The original homelands of the Ottawa contain one of the oldest prehistory sites on the North American continent - the Shaguianday site on Manitoulin Island, Ontario - estimated to be 30,000 years old. The Ottawa ranged over parts of Ontario and the Great Lakes region and, as prolific traders, traveled over vast distances which led to early contact with Europeans. They met Samuel de Champlain in 1615 near the French River in Canada. The arrival of French traders transformed the tribe, engaging them more deeply in European-Indian politics, and the tribe became integral to fur trade.
Traditionally the Ottawa lived in wigwams or wikis, wore buckskin clothing, and cultivated corn, beans and pumpkins. One of the greatest Indian chiefs and skilled leaders during this time was Chief Pontiac, a member of the Otter Clan of the Ottawa, who became the head of a loose confederacy consisting of the Ottawa, Ojibwa and Potawatomi Tribes, formed in response to offensive English policies in their territories. The ensuing conflict became known as Pontiac's Rebellion. After the passage of President Jackson's Indian Removal Act of 1830, and due to increasing encroachment by Euro-Americans, the tribe signed over their lands in Ohio, Michigan and Illinois. They were very hesitant to leave their lands, and it wasn't until April 1837 that the Ottawa of Blanchard's Fork, Roche de Boeuf and Oquanoxie's Village agreed to migrate to Kansas where they were allotted 74,000 acres of land.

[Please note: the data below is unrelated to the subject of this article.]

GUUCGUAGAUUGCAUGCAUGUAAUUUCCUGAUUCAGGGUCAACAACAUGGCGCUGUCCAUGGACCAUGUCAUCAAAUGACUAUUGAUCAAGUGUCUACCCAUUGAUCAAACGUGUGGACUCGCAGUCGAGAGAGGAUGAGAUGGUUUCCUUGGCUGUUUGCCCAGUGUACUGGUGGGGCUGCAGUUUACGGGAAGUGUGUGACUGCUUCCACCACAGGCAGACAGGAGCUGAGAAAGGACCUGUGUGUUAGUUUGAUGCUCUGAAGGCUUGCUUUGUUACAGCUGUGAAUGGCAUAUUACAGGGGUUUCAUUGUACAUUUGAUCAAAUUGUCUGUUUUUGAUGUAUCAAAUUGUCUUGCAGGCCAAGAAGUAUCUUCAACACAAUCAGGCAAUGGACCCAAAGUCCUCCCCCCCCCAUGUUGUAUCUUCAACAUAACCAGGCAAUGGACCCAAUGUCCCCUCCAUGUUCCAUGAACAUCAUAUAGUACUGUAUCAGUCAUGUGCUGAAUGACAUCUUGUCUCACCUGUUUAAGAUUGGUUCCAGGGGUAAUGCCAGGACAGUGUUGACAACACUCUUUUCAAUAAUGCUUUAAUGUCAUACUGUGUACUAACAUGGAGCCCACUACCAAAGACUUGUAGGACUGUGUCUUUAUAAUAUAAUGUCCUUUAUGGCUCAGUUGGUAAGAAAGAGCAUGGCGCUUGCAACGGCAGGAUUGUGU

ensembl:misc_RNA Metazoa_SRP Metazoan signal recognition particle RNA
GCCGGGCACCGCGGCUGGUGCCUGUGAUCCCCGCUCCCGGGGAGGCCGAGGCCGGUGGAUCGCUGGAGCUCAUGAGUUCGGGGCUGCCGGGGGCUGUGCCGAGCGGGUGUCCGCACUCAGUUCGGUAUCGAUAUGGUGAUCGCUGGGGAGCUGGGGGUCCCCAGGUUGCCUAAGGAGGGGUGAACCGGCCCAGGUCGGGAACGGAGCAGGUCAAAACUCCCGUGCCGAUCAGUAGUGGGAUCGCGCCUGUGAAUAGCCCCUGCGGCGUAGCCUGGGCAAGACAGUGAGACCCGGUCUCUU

Within five years of the move, nearly half of the Ottawa had died. Realizing their children would need to be educated to survive, in 1862, the tribe gave Baptists acreage for a school, as well as another 20,000 acres to be sold to raise money to build a university for the education of whites and Indians, named after the Ottawa, and the tribe negotiated an arrangement with the university for Ottawa children to be educated free of charge.
Under increasing pressure to cede remaining lands, in 1867 the Ottawa sold their land in Kansas and moved to northeastern Indian Territory. By this time there were only about 200 Ottawa. In 1956, the U.S. government decided the tribal government served no purpose and terminated its existence. This was a dark period in the tribe's history but they didn't give up and in May 1978, Ottawa Tribal governance was restored, followed by establishment as a federally recognized government.